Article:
Effect of in vitro fertilization on child development

Health of children born through artificial insemination:

Children conceived through IVF show no disadvantage in terms of development or academic achievement at primary school age compared to their naturally conceived peers, concludes this very broad analysis from the Australian Federal Government Graduate Research Scheme and Mercy Foundation conducted on data from more than 400,000 children. Conclusions presented in the journal PLoS Medicine that can reassure parents who have conceived or are about to conceive through IVF.

Effects of conception by IVF on the developmental results of children:

Today, in vitro fertilization (IVF) is a common method of conception. It is estimated that around 3% of children are conceived through IVF. However, it remains important to understand and monitor the long-term implications for these children. This is the objective of this very large Australian study which looks at the possible effects of conception by IVF on the developmental results of children.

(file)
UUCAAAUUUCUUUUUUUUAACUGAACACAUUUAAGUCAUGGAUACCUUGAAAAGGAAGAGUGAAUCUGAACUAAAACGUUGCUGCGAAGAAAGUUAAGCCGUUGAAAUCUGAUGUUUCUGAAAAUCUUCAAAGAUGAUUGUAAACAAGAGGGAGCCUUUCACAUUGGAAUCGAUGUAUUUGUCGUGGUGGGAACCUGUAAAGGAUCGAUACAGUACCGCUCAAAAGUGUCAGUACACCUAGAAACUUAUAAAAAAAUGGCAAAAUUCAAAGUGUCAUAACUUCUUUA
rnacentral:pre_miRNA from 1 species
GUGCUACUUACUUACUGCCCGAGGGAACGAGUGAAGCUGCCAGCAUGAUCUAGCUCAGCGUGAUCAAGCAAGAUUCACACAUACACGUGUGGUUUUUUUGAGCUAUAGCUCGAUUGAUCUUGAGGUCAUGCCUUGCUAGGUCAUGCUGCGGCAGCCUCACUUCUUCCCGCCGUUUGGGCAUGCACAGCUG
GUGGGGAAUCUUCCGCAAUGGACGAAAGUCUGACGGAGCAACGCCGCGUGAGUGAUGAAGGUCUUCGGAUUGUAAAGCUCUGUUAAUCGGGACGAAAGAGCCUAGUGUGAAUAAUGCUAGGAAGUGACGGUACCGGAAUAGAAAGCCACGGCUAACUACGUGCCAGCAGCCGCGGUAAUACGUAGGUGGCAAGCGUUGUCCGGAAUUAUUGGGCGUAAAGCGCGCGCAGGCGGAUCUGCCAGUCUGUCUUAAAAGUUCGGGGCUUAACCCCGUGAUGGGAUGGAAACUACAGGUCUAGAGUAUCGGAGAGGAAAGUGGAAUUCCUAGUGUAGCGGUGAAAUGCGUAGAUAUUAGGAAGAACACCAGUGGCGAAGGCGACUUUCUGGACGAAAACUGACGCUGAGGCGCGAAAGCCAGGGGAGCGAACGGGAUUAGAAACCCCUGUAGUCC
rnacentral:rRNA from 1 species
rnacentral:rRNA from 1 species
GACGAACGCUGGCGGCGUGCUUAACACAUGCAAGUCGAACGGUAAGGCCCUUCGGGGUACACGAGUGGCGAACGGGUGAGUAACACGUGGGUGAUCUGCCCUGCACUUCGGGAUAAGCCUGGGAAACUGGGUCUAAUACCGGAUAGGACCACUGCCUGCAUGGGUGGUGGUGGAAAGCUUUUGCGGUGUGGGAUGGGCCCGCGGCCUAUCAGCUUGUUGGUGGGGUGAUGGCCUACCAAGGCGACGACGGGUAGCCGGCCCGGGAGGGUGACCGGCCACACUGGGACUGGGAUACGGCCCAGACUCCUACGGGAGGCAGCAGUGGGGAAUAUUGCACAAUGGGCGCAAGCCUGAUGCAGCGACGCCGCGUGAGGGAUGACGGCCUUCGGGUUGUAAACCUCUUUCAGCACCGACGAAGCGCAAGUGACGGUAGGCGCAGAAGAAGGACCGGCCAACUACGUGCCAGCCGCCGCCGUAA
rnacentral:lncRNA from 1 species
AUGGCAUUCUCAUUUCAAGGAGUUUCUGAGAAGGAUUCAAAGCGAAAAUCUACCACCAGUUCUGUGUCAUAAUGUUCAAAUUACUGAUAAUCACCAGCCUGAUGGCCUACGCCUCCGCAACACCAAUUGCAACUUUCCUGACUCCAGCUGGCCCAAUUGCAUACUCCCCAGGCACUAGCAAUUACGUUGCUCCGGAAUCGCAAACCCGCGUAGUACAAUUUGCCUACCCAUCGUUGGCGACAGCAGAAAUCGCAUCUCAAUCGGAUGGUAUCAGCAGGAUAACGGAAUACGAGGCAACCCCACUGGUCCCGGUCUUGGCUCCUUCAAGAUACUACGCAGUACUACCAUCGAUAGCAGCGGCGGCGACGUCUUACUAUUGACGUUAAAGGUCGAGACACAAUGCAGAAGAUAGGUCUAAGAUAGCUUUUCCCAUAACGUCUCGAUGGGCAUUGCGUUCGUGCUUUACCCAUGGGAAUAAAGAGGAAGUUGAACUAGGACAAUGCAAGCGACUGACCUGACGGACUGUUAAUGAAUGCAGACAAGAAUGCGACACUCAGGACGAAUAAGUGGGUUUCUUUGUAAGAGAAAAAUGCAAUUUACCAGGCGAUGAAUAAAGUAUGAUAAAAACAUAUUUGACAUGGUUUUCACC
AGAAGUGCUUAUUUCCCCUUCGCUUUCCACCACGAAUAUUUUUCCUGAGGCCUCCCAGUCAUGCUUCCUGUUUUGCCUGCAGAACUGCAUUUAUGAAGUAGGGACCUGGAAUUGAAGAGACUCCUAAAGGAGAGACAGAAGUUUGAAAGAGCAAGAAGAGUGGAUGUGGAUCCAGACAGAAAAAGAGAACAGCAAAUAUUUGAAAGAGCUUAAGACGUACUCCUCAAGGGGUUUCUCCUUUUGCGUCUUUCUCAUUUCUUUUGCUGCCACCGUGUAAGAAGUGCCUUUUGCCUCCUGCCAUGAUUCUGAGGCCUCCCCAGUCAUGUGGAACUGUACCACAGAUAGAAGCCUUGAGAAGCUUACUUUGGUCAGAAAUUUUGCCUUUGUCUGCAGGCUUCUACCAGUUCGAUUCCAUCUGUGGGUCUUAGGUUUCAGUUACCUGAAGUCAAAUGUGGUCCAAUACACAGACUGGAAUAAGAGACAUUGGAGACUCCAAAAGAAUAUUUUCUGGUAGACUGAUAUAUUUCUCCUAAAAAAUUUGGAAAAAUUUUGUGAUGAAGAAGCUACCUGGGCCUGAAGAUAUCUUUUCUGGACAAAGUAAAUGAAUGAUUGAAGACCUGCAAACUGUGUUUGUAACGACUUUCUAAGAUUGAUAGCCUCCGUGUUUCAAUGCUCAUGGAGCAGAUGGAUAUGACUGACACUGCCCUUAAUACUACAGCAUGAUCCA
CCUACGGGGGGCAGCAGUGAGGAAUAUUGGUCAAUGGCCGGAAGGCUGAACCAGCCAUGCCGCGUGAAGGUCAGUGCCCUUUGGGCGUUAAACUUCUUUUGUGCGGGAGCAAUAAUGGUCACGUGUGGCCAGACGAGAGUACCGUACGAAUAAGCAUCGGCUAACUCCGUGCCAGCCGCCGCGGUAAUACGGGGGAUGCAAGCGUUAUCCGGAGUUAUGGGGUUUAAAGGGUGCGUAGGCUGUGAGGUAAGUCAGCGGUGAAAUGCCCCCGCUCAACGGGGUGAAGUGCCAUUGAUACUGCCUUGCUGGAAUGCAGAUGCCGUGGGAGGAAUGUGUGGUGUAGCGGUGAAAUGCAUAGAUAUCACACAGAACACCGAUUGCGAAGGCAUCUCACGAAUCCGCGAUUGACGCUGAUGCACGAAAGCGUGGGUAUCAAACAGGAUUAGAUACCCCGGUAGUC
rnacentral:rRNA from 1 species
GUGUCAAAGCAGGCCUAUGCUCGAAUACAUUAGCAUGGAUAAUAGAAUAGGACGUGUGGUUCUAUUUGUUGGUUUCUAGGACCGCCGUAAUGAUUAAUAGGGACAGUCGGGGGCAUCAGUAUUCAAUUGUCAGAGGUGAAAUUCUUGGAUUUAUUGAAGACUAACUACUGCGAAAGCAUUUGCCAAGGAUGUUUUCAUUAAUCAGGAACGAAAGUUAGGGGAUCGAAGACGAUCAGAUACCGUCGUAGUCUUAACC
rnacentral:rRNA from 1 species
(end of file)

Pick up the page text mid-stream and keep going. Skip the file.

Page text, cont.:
For developmental and scholastic outcomes at the elementary level:

The study therefore analyzed observational data related to mothers and their children Australia-wide, either mothers and single infants conceived spontaneously or by IVF, born in Victoria, Australia, between 2005 and 2014. The analysis therefore took into account developmental and school results at primary school age and compared these data in the case of conception by IVF vs spontaneous conception: the analysis focused on data from 412,713 children including 4,697 children conceived by IVF, 168,503 by natural conception for the 1st cohort, and 8,976 children conceived by IVF and 333,335 controls for a second cohort.

2 main measures were evaluated with recognized scales, the developmental vulnerability of the child at school entry (4 to 6 years old) and the school result between 7 and 9 years old.

The analysis concludes:

the absence of a causal effect of IVF conception on the risk of developmental vulnerability at school entry vs natural conception;
the absence of a causal effect of conception by IVF on the school achievement score at the age of 7 to 9 years.
In conclusion, until the age of at least 9 years, the developmental and academic results for children conceived by IVF are equivalent to those of children conceived spontaneously.
“Results that should reassure current and future parents, as well as their doctors”